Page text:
Pujara, the pitch-whisperer with a better strike rate than Compton 

December 06, 2023 06:08 pm | Updated 06:12 pm IST

When India won a series for the first time in England in 1971, local restaurants celebrated by putting on their menu such culinary delights as the Wadekar cutlet, the Gavaskar curry and the Bedi pulao. When they beat Australia for the first time, in 2018-19, it was the Pujara Dance that was the feature of the celebration.

Skipper Virat Kohli credited Rishabh Pant with choreographing it after the final Test in Sydney where Cheteshwar Pujara made 193, his third century of the series of which Greg Baum wrote in the Sydney Morning Herald, “Pujara set in, like winter. He was struck 11 times, in head, ribs and hands, and they all hurt, but he was also the fulcrum…”

A visibly embarrassed Pujara struggled with his footwork as teammates did the Pujara Dance, unable to get his timing right or wait for the moment.

He had no such problems while making 521 runs in the series and playing over 200 deliveries in an innings four times. Among those with 100-plus Tests Pujara has a better strike rate than Boycott, Sunil Gavaskar, Rahul Dravid, Allan Border, Des Haynes, David Boon. Overall, he scored at a faster rate than Denis Compton and Walter Hammond.

Pujara remained a bugbear to bowlers everywhere, as the game changed before his eyes. Space for the defensive batter in the age of ‘maximums’ and 90-metre sixes, had shrunk, perhaps disappeared. Among the moderns, Pujara was the least troubled by a maiden over. It allowed him to study the bowler and the conditions without risk.

In a little over a month, Pujara turns 36. Not in the team for the tour of South Africa, his future will depend on how well India do there. The Saurashtra batter is used to being criticized, dropped, brought back and then praised to the skies. Maybe the wheel will turn again, even if it looks unlikely. Like Mohinder Amarnath, Pujara is ready, willing and able whenever India need spine in the middle.

He has vacated one of the most crucial slots, the No. 3 occupied by Rahul Dravid. When Pujara made his debut against Australia with a cultured 72 in Bengaluru, he was 22. Dravid said the youngster was a better batter than Dravid himself had been at that age.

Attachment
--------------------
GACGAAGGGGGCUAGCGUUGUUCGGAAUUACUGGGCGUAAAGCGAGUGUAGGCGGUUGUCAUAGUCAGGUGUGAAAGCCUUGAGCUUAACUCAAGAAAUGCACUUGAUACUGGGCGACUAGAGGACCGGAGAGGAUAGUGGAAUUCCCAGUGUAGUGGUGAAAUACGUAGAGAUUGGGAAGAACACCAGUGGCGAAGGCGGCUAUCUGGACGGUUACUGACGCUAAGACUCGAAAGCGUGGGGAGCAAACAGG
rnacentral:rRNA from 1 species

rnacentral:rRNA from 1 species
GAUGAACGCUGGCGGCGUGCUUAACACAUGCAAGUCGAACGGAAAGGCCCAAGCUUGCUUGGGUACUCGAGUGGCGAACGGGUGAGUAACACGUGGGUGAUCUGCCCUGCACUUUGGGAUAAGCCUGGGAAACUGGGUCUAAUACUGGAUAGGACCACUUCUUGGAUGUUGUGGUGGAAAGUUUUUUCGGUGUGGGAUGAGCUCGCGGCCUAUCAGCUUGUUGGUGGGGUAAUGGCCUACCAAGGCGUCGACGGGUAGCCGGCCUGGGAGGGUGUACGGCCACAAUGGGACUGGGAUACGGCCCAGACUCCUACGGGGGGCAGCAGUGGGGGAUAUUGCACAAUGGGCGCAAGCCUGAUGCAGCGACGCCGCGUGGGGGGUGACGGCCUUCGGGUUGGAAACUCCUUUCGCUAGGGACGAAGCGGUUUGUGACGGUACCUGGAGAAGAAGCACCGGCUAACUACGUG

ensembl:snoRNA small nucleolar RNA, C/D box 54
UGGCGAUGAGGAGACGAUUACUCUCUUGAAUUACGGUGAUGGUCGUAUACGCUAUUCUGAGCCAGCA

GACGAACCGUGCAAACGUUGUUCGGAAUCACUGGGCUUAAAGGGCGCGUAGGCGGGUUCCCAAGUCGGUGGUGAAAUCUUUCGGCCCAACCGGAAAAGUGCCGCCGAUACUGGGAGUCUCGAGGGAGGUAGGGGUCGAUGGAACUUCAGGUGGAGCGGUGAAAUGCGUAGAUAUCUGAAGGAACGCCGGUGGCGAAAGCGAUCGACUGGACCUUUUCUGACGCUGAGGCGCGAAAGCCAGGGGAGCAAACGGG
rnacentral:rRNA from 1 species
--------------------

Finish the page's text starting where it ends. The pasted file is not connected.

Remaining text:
To become Pujara requires special skills. He might be called the pitch-whisperer for his ability to understand what the 22-yard strip is telling the players. If he fell short of true greatness, it was because he seldom rose above the limitations of the pitch. He read it well, but could not dictate to it.

This made Pujara an easy scapegoat whenever the Indian batting failed. He was the target when India lost the World Test Championship final to Australia earlier this year, and was dropped for the West Indies tour. Shubman Gill, a more attacking No.3 and already tasked with the job of carrying the batting post the Kohli-Pujara period, filled the slot.

Cricket boards tend to allow some players the luxury of choosing when and where they will retire. India’s board organized a series against the West Indies so Sachin Tendulkar could play his 200th Test and retire at his home ground. Even Australia, who see cricket as a team game, allowed Steve Waugh a series of farewells while currently David Warner is being given a hero’s send-off.

It is unlikely that Pujara will ask for or be given such a farewell even if his contribution to Indian cricket is as valuable if less flashy. He belongs to the line stretching back from Dravid and Gavaskar to Vijay Merchant, with a technique built on sound defence calculated to frustrate bowlers over long periods. If Dravid was the wall, Pujara is the barrier, seeing out the fast men before wading into the spinners and unfurling his array of strokes.

With Pujara, you saw the evolution of batting as a craft, defence giving way to attack with the inevitability coaches tell youngsters about. There was too his unspoken and unrecorded manner of protecting his partner, especially the youngsters.

Pujara may be the last of his kind, a cricketing exemplar of Keats’s ‘negative capability’, accepting uncertainties without reaching for trendiness and false respect. He deserves more than a fun dance in his name.

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